MyHeritage is targeted by hackers, 230k Flightradar24 users have their credentials leaked, and Ethereum users lose $20.5 million in security vulnerability. It's all this and more in The Month in Hacks.
Flightradar24, a flight tracking service, leaked the email addresses and hashed passwords of over 230,000 customers. The leak stemmed from one server which was compromised by hackers - the company has since shut down the server.
The company sent an email to all affected customers asking them to reset their passwords, but didn't announce the breach on their social media channels or blog. It is recommended that everyone who used the service reset their passwords, especially if the same password is used across multiple accounts.
MyHeritage, a DNA testing service based in Israel, announced in June that their website was attacked by hackers last year. As a result of the attack, the email addresses and hashed passwords of 92.3 million users were accessed. The company says that no other personal data, including DNA information or credit card details, were compromised in the hack.
While the company uses a hashing algorithm along with a unique salt to protect user's passwords, it still recommends that users update their passwords to prevent further data to be accessed. As a result of the hack, MyHeritage began offering two-factor authentication options to users.
Researchers have discovered an unpatched vulnerability in all versions of WordPress that allows any user, not just site admins, to delete files from the web hosting. Attackers could potentially delete security protocols, leaving sites open to hacking, or reconfigure the entire website.
While a patch to this vulnerability hasn't been released yet, it is expected to be included in the next update released by the company. In the meantime, site admins and authors should be wary of phishing attacks that would allow a hacker to access an author-level account and edit the website.
In June, hackers stole 38,642 Ether (worth $20.5 million at the time) from unsecured Ethereum wallets. The attackers were able to access the funds by scanning geth clients for users that left the JSON-RPC interface open without a firewall policy. Once finding the unsecured accounts, the hackers could then access the funds simply by knowing the wallet and IP address.To prevent the attack, Ethereum users are recommended to only allow connections to their geth client from a local computer.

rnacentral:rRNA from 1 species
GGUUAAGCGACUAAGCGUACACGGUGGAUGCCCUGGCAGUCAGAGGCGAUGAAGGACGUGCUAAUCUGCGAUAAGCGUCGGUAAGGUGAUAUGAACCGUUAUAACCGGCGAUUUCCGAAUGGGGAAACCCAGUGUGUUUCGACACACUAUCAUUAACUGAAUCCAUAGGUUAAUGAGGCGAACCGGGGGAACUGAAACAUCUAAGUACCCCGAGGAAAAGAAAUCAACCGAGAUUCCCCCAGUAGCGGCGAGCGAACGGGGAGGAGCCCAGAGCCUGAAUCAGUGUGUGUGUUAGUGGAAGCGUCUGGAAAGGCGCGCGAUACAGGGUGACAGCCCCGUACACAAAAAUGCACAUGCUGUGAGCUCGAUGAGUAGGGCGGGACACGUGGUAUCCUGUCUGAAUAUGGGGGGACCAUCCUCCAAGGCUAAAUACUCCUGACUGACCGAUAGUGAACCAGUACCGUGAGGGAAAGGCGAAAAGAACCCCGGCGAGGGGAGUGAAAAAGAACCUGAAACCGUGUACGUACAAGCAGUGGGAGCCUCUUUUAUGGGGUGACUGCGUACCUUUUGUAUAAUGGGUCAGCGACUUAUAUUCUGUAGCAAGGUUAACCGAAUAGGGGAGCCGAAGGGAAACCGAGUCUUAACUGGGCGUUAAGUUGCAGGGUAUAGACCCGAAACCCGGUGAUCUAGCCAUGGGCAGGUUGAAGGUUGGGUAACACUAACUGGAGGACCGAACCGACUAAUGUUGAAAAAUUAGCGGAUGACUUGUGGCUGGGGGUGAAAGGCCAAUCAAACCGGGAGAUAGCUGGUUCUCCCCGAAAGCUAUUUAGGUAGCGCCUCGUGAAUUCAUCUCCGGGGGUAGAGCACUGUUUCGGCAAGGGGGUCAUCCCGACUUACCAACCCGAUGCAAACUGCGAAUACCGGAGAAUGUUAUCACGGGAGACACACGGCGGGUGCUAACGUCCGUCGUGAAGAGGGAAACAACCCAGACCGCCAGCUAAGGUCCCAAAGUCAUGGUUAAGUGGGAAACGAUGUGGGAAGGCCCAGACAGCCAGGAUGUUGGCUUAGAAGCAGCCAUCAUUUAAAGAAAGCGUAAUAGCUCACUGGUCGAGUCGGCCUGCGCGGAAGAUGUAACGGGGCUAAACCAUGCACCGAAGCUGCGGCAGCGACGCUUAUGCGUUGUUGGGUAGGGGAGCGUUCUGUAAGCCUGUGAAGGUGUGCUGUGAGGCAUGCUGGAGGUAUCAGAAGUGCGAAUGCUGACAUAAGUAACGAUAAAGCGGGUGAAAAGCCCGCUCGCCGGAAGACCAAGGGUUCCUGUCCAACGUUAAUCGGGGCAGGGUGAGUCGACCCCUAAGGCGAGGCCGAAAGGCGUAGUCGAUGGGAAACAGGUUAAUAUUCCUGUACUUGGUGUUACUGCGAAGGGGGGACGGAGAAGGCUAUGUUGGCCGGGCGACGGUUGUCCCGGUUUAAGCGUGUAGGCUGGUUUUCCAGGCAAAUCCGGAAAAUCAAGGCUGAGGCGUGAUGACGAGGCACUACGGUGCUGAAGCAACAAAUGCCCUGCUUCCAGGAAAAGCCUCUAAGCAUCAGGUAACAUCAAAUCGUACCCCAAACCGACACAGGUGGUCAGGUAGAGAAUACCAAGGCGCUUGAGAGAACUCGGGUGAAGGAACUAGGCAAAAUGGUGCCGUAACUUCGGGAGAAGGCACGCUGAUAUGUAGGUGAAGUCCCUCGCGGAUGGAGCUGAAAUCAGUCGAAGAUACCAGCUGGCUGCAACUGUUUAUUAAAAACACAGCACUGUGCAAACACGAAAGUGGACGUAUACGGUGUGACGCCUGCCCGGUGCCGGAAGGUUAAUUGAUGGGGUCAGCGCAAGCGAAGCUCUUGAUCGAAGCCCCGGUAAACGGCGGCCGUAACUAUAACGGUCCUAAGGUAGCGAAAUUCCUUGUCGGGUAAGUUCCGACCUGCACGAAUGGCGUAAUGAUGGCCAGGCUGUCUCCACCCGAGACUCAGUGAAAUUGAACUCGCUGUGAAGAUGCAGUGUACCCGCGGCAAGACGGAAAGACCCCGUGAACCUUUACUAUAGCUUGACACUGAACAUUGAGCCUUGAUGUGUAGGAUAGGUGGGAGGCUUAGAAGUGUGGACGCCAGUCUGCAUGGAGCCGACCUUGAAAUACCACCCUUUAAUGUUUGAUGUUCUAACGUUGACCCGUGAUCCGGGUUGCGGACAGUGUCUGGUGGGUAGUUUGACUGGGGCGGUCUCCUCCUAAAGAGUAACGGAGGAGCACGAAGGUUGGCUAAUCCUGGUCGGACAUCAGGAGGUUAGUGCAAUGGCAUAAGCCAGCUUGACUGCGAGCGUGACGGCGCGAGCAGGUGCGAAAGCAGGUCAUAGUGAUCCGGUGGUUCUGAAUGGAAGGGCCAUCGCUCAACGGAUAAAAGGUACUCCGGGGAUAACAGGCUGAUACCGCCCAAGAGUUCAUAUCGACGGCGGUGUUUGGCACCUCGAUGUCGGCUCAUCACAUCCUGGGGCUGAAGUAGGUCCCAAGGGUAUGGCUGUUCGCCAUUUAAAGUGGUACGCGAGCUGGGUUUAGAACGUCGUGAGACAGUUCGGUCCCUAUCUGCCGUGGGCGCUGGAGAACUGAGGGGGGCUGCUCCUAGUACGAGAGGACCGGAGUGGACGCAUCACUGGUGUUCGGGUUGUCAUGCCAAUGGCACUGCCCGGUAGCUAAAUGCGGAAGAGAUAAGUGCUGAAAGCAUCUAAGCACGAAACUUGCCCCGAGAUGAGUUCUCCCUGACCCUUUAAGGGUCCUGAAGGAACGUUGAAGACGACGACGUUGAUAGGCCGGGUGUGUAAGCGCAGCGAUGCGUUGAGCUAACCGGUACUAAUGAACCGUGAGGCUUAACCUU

Researchers at Kaspersky Labs have found new variants of Python-based adware that can install malicious extensions and hidden cryptocurrency miners into user's computers. The malware is distributed through pop-ups on websites, which encourage users to download PBot disguised as legitimate software.
While the majority of attacks are centered in Russia, Ukraine, and Kazakhstan, experts advise that you only download software from trusted sources and use strong antivirus software that can prevent attacks like PBot.
Australia-based recruitment firm PageUp, which handles millions of job applications globally, fell victim to a malware attack in June. According to the company -- which counts supermarket Aldi, Clydesdale Bank and chocolate-maker Lindt as its client -- an unauthorized person gained access to its systems, compromising personal contact details, biographical details and employment information of current or former employees who had access to PageUp systems.
Even though the company uses best practices to protect password data, including hashing and salting, it still recommends users to change their password to prevent any further misuse of data. The company also recommends that users enable two-factor authentication on other accounts that use the same credentials, to prevent unauthorized access of those accounts.
In June, a major data breach at Dixons Carphone -- a European electronics and telecommunications retailer – compromised 5.9 million customers' bank card details along with 1.2 million personal records. Hackers attempted to compromise one of the card processing systems of Currys PC World and Dixons Travel outlets, thereby exposing customer card details and personal details such as name, physical address or email address. While majority (5.8 million) of the cards were secured by chip and pin, 105,000 were issued outside the European Union and lacked these protection measures; putting them at a greater risk.
San Francisco-based event-ticketing company Ticketfly fell victim to a massive cyber-attack in June, compromising data of around 27 million user accounts. Hackers gained access to customer details such as name, address, email address and phone numbers connected to their account. Financial information such as credit and debit card details were not compromised.
Even though the passwords were not accessed, the company's customers as well as clients were prompted to securely reset all passwords as a security measure.